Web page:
ANZAC Day significance

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ABOVE: The newly-completed Stone of Remembrance and Cross of Sacrifice at Brisbane’s Toowong Cemetery in 1924. The graves of some 300 former First AIF personnel are located near this corner of the cemetery, which is in the Federal electorate of Ryan, itself named after former Queensland Premier and Queensland Anzac Day Commemoration Committee chairman, Thomas Joseph Ryan.

 

‘An occasion for humility and reverence’
– Member for Ryan on importance of Anzac Day

 

Mrs JANE PRENTICE (Ryan) (12:25): “I commend the Member for Higgins for bringing this motion forward. I appreciate the opportunity to speak in support of it.

“Anzac Day is very important to my family in so many ways. I am the mother of a serving soldier in the Australian Army; the daughter of a fighter pilot from World War II and subsequently a prisoner of war; and the great granddaughter of Sir George Pearce, Australia’s longest-serving defence minister.

“It was also T.J. Ryan, Premier of Queensland and chairman of the first Anzac Day Commemoration Committee of Queensland, after whom my seat of Ryan was named.

“Also of interest is that Canon David Garland, ‘the architect of Anzac Day’ as he is known, is buried in the Toowong Cemetery along with 300 soldiers from the First World War.

“Anzac Day has been observed each year since the memorable landing on Gallipoli on 25 April 1915. 

“In no way does the commemoration of Anzac Day glorify war. Rather, it recognises the sacrifice that our servicemen and servicewomen have made.

“It is in this tradition that, as we stand for a minute’s silence each year, we remember that we are standing in the presence of the dead and their living friends and relatives.

“It is an occasion for humility and reverence, for silence and thought. Sir George Pearce, as Acting Prime Minister, formally decreed Anzac Day.

“In his recent book, Anzac and Empire, John Connor, one of Australia’s leading military historians, details that ‘Pearce was almost single-handedly responsible for creating the key institutions of Australia’s modern defence organisation: the Royal Australian Navy, the Royal Military College, Duntroon and the Royal Australian Air Force’.

“Connor goes on to say that ‘to understand Australia in the Great War, you must understand the man behind it’.

“To say that our fighting men were drawn from the smallest towns and biggest cities is evidenced by the following statistics.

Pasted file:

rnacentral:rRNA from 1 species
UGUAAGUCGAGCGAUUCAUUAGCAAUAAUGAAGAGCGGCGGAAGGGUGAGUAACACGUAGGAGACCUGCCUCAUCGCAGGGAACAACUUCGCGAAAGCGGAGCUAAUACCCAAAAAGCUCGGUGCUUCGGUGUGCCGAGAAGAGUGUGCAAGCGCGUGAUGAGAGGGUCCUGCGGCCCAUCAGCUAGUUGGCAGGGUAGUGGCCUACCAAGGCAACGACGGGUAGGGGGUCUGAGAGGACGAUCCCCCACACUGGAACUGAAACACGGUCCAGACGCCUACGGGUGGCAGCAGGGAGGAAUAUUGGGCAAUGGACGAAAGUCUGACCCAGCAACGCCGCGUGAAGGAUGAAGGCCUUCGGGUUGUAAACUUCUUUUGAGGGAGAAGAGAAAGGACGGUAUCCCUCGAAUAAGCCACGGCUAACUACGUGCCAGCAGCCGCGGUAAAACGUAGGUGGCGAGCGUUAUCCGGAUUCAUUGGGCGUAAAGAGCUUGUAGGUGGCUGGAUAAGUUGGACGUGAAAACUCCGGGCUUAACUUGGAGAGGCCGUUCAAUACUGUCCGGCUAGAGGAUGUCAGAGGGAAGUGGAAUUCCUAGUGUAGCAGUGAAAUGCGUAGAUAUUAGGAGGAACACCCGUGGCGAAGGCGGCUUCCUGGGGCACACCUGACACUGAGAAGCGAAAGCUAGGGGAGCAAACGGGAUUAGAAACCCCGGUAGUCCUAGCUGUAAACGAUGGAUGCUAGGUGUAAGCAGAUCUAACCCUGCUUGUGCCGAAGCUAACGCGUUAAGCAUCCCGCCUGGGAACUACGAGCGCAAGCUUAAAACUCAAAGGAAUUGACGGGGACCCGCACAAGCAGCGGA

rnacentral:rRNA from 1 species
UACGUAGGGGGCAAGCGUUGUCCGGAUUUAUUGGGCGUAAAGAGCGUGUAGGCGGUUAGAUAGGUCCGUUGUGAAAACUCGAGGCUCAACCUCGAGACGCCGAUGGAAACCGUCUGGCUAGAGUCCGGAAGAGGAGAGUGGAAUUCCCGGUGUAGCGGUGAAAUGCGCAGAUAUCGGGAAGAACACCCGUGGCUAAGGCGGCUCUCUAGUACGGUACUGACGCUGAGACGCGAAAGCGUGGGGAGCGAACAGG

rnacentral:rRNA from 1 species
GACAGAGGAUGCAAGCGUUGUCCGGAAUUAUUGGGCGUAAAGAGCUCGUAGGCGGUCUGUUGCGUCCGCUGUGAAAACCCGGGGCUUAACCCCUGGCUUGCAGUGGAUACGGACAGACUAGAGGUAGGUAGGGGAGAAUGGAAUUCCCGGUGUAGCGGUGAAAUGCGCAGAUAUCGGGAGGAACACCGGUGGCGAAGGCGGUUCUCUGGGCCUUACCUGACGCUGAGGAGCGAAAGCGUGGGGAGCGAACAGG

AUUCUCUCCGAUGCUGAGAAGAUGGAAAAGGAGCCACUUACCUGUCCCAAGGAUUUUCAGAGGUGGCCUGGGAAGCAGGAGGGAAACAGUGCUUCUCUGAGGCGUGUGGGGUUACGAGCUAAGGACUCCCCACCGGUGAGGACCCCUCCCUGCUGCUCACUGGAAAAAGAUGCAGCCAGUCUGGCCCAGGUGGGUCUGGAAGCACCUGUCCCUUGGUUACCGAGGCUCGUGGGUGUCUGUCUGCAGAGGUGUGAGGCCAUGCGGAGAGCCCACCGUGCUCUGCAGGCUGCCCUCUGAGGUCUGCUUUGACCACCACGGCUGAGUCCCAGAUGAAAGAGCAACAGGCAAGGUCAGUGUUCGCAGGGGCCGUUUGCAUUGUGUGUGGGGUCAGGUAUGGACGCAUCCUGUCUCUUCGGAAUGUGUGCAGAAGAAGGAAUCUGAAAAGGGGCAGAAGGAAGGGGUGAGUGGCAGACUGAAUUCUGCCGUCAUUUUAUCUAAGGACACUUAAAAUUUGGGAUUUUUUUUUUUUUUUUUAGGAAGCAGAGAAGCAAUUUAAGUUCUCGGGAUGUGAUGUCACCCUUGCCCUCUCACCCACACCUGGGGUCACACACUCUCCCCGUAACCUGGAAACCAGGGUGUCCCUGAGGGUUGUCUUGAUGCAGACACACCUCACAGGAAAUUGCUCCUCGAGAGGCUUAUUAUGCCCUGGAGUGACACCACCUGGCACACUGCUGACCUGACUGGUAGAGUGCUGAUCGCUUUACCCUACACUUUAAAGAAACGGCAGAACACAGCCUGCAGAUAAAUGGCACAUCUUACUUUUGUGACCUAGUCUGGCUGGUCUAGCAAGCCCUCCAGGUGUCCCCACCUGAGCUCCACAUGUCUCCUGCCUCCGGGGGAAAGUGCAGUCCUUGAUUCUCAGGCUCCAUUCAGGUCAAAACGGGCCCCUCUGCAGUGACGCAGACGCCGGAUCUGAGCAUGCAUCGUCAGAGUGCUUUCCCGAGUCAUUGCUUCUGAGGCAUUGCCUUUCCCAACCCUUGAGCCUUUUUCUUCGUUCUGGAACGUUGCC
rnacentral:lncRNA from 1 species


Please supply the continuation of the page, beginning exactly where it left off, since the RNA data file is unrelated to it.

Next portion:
“From 1914 to 1918, Australia was a country of a mere four million people. Yet, 416,000 enlisted for service, representing 38.7 per cent of the total male population aged between 18 and 44.

“Of those, 57,705 were Queenslanders. By the end of the war, nearly 59,000 of our men were dead, 166,811 wounded and 4,000 were missing or prisoners of war.

“At almost 65 percent, the Australian casualty rate was the highest of the war. Of the 63 Victoria Crosses that were awarded, five were from Queensland.

“The ANZACs helped to define us as a people and as a nation.

“They were ordinary Australians who performed extraordinary deeds and who were drawn from the smallest towns and the biggest cities. 

“Recently I attended the opening of the Kenmore-Moggill RSL Sub-Branch where I had the opportunity to discuss with Kenmore State High School’s deputy principal, Mr Andrew Blight, the research project being undertaken by the school, in conjunction with the RSL.

“Students are tasked with researching a local soldier killed in action during the First World War.

“This creates the opportunity for the next generation to understand and remember those who made the ultimate sacrifice so that we may live in freedom.

“Students are uncovering the stories of our local heroes as part of the broader community’s centenary commemoration of Anzac.

“St Joseph’s School at Bardon has also undertaken a similar project with their Grade Seven students. It was an honour to join them last week at the Australian War Memorial. 

“In my electorate of Ryan, we have taken advantage of the Coalition’s commitment of a further $25,000 to the Anzac Centenary Local Grants Program, totalling $125,000.

“My electorate community committee recently approved a list of very high-quality projects, which will see our community understanding, respect and commemoration grow for the spirit of the ANZACs and for those who paid the ultimate price for our freedom. 

“Pending ministerial approval, I look forward to seeing the positive outcome of these grants and the benefit that the projects will have on the wider community and on the broader centenary of Anzac commemorations. 

“I wish to close by paraphrasing the sermon of the secretary of the original Anzac committee at St John’s Cathedral, marking Anzac Day 1924. Quoting from John 15:13, he said:

‘Greater love hath no man than this, that a man lay down his life for his friends’.

“Canon Garland went on to say that there was no room for anything other than a solemn observance of Anzac Day and to expand on his often expressed belief that Anzac Day was the All Souls’ Day of Australia and that it was therefore inappropriate to wear vestments or play joyous music of triumph but rather be penitent and filled with sorry for a world which caused the sacrifice of bright young lives, our dearest and our best.

“Lest we forget.”

– an extract from the House of Representatives “Hansard” from 12:25pm on Monday, 23 June 2014 (page 7042).
The Member for Ryan, Mrs Jane Prentice, MP, was speaking on the Anzac Centenary Local Grants Program.